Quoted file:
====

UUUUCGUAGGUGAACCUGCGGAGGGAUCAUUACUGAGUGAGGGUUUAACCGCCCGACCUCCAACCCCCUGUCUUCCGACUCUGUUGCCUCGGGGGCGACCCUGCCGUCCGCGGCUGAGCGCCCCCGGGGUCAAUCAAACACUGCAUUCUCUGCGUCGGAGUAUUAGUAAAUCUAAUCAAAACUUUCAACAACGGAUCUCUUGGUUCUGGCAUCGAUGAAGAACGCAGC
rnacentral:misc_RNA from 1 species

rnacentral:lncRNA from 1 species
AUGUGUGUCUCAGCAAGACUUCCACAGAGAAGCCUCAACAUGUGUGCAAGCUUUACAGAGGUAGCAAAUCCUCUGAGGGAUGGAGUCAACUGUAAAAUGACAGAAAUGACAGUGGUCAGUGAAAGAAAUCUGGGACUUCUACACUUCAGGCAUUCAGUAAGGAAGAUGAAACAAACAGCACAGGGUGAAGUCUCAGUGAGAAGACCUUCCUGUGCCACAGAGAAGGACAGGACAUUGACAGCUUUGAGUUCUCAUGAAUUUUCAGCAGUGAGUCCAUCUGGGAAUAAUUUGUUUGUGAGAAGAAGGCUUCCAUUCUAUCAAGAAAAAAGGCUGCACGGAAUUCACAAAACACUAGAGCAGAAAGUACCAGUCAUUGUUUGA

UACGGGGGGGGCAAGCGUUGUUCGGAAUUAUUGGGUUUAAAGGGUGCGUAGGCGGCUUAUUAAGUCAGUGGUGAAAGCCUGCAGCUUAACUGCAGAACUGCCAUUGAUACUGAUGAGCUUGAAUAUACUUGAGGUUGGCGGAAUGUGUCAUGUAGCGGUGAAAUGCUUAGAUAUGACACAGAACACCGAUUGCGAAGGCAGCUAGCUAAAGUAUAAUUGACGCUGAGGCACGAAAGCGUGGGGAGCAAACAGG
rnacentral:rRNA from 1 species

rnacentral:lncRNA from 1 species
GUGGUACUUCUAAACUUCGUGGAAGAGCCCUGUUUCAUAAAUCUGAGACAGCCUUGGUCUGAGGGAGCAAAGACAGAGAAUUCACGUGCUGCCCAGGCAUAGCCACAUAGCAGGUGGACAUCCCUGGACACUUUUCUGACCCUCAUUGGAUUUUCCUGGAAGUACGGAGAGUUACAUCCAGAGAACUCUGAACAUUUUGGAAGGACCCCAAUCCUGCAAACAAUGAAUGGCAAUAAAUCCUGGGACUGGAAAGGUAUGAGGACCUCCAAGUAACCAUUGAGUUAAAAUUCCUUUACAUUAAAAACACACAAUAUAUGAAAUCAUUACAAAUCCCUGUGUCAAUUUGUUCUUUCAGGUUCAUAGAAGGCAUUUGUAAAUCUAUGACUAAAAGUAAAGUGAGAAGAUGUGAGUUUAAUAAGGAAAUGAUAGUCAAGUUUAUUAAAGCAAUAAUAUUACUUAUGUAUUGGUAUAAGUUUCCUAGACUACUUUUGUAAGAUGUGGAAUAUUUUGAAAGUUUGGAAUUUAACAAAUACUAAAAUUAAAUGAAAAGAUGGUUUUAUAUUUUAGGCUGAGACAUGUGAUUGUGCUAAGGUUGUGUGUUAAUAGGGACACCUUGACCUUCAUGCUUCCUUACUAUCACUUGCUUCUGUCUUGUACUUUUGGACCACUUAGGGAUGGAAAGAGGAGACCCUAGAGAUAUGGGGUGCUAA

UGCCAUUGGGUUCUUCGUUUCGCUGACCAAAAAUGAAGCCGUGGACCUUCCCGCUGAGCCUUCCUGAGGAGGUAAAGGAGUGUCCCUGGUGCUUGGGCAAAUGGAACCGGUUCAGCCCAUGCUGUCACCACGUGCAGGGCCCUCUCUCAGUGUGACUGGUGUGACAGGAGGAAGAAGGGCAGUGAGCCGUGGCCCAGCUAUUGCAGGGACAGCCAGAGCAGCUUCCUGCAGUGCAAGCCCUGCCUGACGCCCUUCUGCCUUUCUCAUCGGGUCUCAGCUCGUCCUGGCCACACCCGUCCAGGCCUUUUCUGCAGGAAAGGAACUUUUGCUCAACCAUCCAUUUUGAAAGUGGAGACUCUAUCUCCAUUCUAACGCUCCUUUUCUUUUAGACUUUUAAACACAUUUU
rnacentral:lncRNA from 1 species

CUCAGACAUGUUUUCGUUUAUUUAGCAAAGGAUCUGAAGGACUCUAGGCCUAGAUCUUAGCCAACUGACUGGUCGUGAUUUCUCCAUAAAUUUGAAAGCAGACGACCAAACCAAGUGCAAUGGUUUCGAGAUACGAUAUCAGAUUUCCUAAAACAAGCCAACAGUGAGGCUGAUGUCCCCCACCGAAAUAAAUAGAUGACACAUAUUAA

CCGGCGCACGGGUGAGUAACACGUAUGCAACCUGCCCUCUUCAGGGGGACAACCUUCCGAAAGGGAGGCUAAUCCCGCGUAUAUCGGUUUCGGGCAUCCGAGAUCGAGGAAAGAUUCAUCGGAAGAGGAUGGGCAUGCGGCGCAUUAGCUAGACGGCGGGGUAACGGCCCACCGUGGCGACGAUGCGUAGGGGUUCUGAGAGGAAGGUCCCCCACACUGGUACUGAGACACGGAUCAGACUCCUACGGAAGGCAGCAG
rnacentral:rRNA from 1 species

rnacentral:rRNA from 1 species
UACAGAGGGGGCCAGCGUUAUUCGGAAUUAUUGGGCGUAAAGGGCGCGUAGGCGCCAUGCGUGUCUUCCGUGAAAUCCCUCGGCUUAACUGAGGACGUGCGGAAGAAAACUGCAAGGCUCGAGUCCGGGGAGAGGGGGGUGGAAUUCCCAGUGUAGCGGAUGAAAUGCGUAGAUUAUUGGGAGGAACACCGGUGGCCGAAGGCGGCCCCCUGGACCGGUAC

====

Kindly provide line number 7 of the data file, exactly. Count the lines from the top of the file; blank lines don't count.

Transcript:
rnacentral:lncRNA from 1 species